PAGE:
Originally, Anglo-Indian's British ancestry was usually bequeathed paternally. However, in countries such as the United States, Canada, and England, there has been a large influx of Indian immigrants, beginning in the 1960s-70's. As a result of assimilation, mixed Anglican/Caucasian, and Indian backgrounds are becoming more prevalent with Indian ancestry descending from the paternal side. In the 2001 U.S. Census Bureau’s publication of the 56,497,000 married couples, it shows that Indian males married almost twice as much with Caucasian women (7.1%), as opposed to Indian women marrying with Caucasian men (3.7%).

Political

The Anglo-Indian community is the only Indian community that has its own representatives nominated to the Lok Sabha (Lower House) in India's Parliament. This right was secured from Nehru by Frank Anthony, the first and long time president of the All India Anglo-Indian Association. The community is represented by two members. This is done because the community has no native state of its own. States like Andhra Pradesh, Tamil Nadu, Bihar, Karnataka and Kerala also have a nominated member each in their respective State Legislatures.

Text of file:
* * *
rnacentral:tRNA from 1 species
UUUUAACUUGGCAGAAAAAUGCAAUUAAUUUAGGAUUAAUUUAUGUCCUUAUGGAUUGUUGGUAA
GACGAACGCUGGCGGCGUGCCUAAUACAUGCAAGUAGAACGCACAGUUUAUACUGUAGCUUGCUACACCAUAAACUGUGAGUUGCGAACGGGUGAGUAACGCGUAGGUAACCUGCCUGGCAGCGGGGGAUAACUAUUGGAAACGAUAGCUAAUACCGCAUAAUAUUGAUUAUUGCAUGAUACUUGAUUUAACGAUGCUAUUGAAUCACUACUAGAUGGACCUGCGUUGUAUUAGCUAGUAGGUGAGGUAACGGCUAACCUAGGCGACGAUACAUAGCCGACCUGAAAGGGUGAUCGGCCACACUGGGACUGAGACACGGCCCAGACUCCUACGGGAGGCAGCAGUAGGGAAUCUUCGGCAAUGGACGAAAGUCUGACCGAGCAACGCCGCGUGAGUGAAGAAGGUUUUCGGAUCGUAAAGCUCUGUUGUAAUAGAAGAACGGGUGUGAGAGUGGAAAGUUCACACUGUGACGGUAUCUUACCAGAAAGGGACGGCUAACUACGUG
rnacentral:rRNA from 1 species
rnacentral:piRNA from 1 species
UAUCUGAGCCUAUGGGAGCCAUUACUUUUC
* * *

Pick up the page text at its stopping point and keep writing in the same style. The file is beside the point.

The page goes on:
Notable persons of Anglo-Indian descent

See also

Notes

External links

Books

  • Anthony F "Britain's Betrayal in India: The Story Of The Anglo Indian Community" Simon Wallenberg Press, Amazon Books.
  • Dady D S "Scattered Seeds: The Diaspora of the Anglo-Indians" Pagoda Press
  • Gabb A "1600-1947 Anglo-Indian Legacy"
  • Hawes C "Poor Relations: The Making of a Eurasian Community "
  • Moore G J "The Anglo Indian Vision"
  • Stark H A "Hostages To India: Or The Life Story of the Anglo Indian Race" Simon Wallenberg Press.
  • Maher, Reginald "These Are The Anglo-Indians" - (An Anglo-Indian Heritage Book) Simon Wallenberg Press
  • Phillips Z "The Anglo-Indian Australian Story: My Experience. A collection of Anglo-Indian Migration Heritage Stories"

Flavours of the Past- Classic Colonial Cuisine - Bridget White The Best of Anglo-Indian Cuisine - A Legacy - Bridget White Anglo-Indian Delicacies - Bridget White A Collection of Anglo-Indian Roasts, Casseroles and Bakes - Bridget White The Anglo-Indian Festive Hamper - Bridget White